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Just quick one, but want to make sure I'm catching cross platform variations.

I like to convert new lines entered into a text area into a [comma], so that the output can be represented on a single line, my question...

Currently, sending from google chrome, when I view the value, I find it uses \r\n for new lines. If I replace \r\n I know it will work for chrome on windows 7, but what about other platforms, are there variations on what other browsers will insert as a new line inside a text area?

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    to simplify : Do all browsers only ever send '\r\n' to represent a new line entered into a text area (I'm not programmatically creating the value, it is only ever created by the user in their browser) – Nnoel Jan 8 '13 at 15:08
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By HTML specifications, browsers are required to canonicalize line breaks in user input to CR LF (\r\n), and I don’t think any browser gets this wrong. Reference: clause 17.13.4 Form content types in the HTML 4.01 spec.

In HTML5 drafts, the situation is more complicated, since they also deal with the processes inside a browser, not just the data that gets sent to a server-side form handler when the form is submitted. According to them (and browser practice), the textarea element value exists in three variants:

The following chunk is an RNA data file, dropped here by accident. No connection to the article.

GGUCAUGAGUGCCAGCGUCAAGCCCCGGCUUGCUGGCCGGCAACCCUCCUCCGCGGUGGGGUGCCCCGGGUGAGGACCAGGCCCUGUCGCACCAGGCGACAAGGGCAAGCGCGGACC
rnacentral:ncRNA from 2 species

1. the raw value as entered by the user, unnormalized; it may contain CR, LF, or CR LF pair;
  2. the internal value, called “API value”, where line breaks are normalized to LF (only);
  3. the submission value, where line breaks are normalized to CR LF pairs, as per Internet conventions.
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    HTML 5 spec: w3.org/html/wg/drafts/html/CR/forms.html#the-textarea-element: the user agent should allow the user to edit, insert, and remove text, and to insert and remove line breaks in the form of "LF" (U+000A) characters. – ComFreek Aug 12 '14 at 15:58
  • @ComFreek, good point. I’ll extend the answer. – Jukka K. Korpela Aug 12 '14 at 17:17
  • Thanks, you made my day! I was just confused because when I sending contents from textarea on osx/chrome, browser sends it with CR LF.. – starikovs Jan 26 '16 at 8:57
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    Another question is why when you get ".length" of textarea, it counts CR LF as only one character but when you check on the server side (for example, with PHP strlen) it will be two chars... – starikovs Jan 26 '16 at 9:00
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    @ComFreek's link above is broken today, use: w3.org/TR/html5/forms.html#the-textarea-element – Glen Mazza Jun 21 '16 at 15:27
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Talking specifically about textareas in web forms, for all textareas, on all platforms, \r\n will work.

If you use anything else you will cause issues with cut and paste on Windows platforms.

The line breaks will be canonicalised by windows browsers when the form is submitted, but if you send the form down to the browser with \n linebreaks, you will find that the text will not copy and paste correctly between for example notepad and the textarea.

Interestingly, in spite of the Unix line end convention being \n, the standard in most text-based network protocols including HTTP, SMTP, POP3, IMAP, and so on is still \r\n. Yes, it may not make a lot of sense, but that's history and evolving standards for you!